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For Students, Health Insurance May Not Have an Expiration Date

Pink eye? Flu-like symptoms? Broken limbs? If you just graduated from college, you might hesitate before going to a hospital for treatment.

In his 2010 State of the State speech, New York Governor David A. Paterson placed special emphasis on a bill that extends the availability of health insurance coverage to young adults through the age of 29.

The bill, known “Age 29” Dependent Coverage Extension, allows young adults to be covered by their parents’ group health insurance policy.

According to a press release from the governor’s office, “young adults ages 19 to 29 represent 31 percent of uninsured New Yorkers.” This new bill is attempting to provide health care for that age group.

These adults, “often become ineligible for coverage under their parents’ policies at age 19, or…find themselves in entry-level jobs that do not provide employer-based health insurance,” according to the press release.

The current health care debates over a public insurance option for the 45.7 million uninsured people in the United States have failed to acknowledge coverage of the 19 to 29 age group.

This New York State legislation, passed in July 2009, acknowledges the health insurance issues of recent college graduates and young adults with jobs that fail to provide insurance coverage.

Aleef Rahman, 22, a graduate student in the Stony Brook University Masters program in Physiology and Biophysics, is grateful for the law. “Seeing as I’m a student, it’s one less concern for me to worry about…I could get through all of medical school and residency and still be covered by my parents at this rate.”

Unfortunately, most undergraduate students are unaware of their coverage status, much less what kind of health insurance is available to them after graduation and entry into the job market.

According to Dr. Razia Aristide of Methodist Hospital in Brooklyn, New York, hospital staff does “not discriminate patients and their treatment based on their type of insurance”.

Dr. Aristide explained that in Methodist Hospital, patients are treated the same whether they have insurance or not, and whether they have private insurance, Medicare or Medicaid.

Paying for hospital bills, however, is a different story.

Dr. Aristide noted, “Patients who do not have insurance do not come for follow up and will often present once their illness has progressed to a level that requires more intervention”.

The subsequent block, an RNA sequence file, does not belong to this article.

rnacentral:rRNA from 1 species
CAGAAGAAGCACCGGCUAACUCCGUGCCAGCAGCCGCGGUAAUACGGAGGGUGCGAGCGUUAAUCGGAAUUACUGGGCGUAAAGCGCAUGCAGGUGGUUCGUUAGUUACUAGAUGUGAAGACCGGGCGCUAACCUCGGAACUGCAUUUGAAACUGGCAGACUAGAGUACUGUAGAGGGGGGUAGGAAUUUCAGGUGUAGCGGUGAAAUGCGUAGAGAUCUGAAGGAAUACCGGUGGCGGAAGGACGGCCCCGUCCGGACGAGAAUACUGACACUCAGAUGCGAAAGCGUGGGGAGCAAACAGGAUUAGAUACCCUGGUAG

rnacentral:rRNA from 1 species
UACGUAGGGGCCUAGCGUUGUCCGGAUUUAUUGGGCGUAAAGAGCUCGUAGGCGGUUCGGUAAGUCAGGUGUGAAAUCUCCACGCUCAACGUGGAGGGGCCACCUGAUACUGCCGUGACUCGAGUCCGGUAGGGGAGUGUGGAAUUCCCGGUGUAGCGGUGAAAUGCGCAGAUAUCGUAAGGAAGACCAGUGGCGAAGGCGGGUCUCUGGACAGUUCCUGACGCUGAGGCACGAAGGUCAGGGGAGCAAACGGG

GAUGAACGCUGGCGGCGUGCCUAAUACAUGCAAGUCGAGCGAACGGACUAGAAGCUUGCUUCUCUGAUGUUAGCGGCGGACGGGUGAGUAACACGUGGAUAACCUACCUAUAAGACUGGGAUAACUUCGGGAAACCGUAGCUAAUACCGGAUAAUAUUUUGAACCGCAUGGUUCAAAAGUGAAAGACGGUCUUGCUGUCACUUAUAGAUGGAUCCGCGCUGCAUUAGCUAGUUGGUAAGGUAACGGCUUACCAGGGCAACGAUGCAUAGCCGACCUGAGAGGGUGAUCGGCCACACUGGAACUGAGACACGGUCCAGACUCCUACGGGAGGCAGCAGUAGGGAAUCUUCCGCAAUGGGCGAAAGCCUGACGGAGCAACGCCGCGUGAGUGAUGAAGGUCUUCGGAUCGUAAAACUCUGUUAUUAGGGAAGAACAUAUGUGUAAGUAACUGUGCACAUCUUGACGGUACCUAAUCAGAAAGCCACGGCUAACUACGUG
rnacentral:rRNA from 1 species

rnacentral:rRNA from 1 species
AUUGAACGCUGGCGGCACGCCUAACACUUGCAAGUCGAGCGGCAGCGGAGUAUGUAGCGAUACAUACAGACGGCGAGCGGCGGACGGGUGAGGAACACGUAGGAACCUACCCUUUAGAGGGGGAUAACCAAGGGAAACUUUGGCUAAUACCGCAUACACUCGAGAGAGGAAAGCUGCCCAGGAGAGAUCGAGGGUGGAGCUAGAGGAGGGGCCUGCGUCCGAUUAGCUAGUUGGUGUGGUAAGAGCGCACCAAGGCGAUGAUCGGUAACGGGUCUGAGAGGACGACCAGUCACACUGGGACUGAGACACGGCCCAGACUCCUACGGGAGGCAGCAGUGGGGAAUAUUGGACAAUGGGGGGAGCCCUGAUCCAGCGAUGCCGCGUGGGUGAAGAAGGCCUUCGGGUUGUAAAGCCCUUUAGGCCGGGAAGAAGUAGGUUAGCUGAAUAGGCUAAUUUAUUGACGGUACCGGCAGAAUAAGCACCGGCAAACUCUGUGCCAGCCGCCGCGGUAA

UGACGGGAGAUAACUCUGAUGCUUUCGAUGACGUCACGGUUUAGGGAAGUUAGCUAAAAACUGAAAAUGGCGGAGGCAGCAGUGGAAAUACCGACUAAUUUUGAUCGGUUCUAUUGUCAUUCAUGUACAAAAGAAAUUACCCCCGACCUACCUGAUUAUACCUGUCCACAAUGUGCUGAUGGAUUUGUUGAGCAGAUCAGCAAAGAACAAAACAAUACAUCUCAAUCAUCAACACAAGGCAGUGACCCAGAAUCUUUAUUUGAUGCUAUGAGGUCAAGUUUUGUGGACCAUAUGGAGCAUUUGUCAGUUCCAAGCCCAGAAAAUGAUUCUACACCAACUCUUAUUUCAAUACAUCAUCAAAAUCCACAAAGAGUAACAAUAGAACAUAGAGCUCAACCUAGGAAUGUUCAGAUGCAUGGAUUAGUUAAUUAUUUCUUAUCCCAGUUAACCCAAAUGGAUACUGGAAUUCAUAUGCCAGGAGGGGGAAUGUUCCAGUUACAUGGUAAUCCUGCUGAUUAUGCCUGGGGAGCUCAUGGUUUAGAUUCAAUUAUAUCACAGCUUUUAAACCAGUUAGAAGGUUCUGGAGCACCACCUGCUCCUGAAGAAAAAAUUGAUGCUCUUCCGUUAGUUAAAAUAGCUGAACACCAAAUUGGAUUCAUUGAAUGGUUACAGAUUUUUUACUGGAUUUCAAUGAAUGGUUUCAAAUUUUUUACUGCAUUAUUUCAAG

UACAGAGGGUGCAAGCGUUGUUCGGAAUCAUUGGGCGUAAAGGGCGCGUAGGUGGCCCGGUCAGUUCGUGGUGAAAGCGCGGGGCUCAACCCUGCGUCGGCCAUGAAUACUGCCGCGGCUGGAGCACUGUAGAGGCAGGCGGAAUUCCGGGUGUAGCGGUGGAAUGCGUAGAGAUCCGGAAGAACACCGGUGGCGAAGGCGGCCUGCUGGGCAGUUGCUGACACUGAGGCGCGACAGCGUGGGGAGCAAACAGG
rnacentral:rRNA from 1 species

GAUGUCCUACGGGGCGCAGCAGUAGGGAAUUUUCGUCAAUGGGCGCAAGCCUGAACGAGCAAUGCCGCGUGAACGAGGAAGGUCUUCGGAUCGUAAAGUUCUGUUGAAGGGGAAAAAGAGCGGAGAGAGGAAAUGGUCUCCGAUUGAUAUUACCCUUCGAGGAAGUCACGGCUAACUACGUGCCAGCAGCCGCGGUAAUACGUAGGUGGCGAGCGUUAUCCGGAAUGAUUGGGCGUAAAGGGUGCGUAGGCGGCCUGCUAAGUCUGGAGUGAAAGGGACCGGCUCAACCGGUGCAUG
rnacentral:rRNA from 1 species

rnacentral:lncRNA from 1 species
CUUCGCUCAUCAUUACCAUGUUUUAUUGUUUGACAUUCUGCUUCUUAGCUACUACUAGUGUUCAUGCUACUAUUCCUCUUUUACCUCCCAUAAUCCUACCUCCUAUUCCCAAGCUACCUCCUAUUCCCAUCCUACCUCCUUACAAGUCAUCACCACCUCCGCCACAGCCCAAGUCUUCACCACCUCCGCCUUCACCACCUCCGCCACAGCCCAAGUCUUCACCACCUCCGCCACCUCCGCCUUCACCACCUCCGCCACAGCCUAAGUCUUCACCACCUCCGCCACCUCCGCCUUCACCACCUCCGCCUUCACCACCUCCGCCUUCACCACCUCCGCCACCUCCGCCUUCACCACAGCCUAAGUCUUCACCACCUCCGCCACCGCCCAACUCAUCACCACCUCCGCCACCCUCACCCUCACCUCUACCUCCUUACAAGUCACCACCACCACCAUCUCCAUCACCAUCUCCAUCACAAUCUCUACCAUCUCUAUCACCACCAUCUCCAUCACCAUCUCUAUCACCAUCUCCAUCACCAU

Under the new law, “premiums will be paid for by families, not employers, and would cost less because coverage is under group policies rather than individual policies,”according to the press release from the governor’s office.

Under the “Age 29” Dependent Coverage Extension, there are two ways in which coverage can be extended, a “young adult” option, and a “make available” option.

The young adult option “permits eligible young adults through the age of 29 to continue or obtain coverage through a parent’s group policy,” according to information on the New York State Insurance Department website, where  “employees or their eligible dependents may then elect the benefit and pay the premium, which cannot be more than 100% of the single premium rate.”

This option can be equated to adding a line onto a family cellular phone plan, and is called the young adult option because eligible children can opt continue to be covered by a parent’s health insurance until age 29.

The “make-available” option requires insurers to make an extended coverage option available to the children of their policyholders.

The NYS Insurance Department places emphasis on the fact that, for the “make-available” option, “the employer or group decides whether to offer this benefit to employees.  The young adult does not get to make this choice.”

Dr. Aristide approves of the extension of insurance coverage, and commented, “23-29 is the age that people graduate college and may not be employed immediately, which means that this population may not have adequate insurance coverage and will not be able to follow up with their physician,or may not even have a physician for primary care.”

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